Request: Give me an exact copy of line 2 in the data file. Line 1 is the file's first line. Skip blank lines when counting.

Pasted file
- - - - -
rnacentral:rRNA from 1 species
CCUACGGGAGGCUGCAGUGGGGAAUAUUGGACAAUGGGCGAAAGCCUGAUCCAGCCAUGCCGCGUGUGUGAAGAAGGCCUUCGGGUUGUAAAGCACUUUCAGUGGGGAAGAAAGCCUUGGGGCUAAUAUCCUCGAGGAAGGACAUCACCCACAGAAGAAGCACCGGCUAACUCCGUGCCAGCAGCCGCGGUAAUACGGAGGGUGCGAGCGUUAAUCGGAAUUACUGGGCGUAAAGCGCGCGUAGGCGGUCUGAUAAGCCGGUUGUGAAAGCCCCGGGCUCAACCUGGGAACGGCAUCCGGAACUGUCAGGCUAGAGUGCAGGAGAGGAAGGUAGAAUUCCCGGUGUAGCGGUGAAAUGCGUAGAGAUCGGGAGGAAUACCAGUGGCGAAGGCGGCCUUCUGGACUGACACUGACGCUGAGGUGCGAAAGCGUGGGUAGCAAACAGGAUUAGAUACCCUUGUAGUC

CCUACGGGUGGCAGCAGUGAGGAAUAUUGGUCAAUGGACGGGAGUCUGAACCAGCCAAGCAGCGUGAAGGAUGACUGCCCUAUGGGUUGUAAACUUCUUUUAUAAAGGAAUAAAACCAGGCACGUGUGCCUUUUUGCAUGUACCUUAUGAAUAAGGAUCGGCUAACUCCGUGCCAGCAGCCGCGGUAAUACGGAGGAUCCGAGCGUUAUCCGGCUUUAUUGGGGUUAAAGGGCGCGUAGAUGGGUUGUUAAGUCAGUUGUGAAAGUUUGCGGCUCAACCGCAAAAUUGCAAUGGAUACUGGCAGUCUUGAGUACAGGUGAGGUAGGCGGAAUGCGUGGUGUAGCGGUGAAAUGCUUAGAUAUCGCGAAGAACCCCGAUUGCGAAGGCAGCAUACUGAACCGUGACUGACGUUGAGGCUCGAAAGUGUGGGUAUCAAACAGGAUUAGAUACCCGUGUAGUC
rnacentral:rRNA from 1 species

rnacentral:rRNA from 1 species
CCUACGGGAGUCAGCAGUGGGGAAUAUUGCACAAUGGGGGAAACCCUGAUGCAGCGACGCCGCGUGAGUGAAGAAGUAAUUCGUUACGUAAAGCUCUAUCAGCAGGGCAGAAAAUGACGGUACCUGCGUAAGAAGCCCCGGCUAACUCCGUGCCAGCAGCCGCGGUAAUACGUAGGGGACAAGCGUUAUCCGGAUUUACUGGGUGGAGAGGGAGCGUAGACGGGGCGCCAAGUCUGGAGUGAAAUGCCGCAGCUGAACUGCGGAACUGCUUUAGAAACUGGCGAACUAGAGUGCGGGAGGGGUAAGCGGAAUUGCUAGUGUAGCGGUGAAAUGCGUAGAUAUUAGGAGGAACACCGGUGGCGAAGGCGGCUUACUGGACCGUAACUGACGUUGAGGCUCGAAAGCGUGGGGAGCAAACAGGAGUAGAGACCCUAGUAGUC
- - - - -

CCUACGGGAGGCUGCAGUGGGGAAUAUUGGACAAUGGGCGAAAGCCUGAUCCAGCCAUGCCGCGUGUGUGAAGAAGGCCUUCGGGUUGUAAAGCACUUUCAGUGGGGAAGAAAGCCUUGGGGCUAAUAUCCUCGAGGAAGGACAUCACCCACAGAAGAAGCACCGGCUAACUCCGUGCCAGCAGCCGCGGUAAUACGGAGGGUGCGAGCGUUAAUCGGAAUUACUGGGCGUAAAGCGCGCGUAGGCGGUCUGAUAAGCCGGUUGUGAAAGCCCCGGGCUCAACCUGGGAACGGCAUCCGGAACUGUCAGGCUAGAGUGCAGGAGAGGAAGGUAGAAUUCCCGGUGUAGCGGUGAAAUGCGUAGAGAUCGGGAGGAAUACCAGUGGCGAAGGCGGCCUUCUGGACUGACACUGACGCUGAGGUGCGAAAGCGUGGGUAGCAAACAGGAUUAGAUACCCUUGUAGUC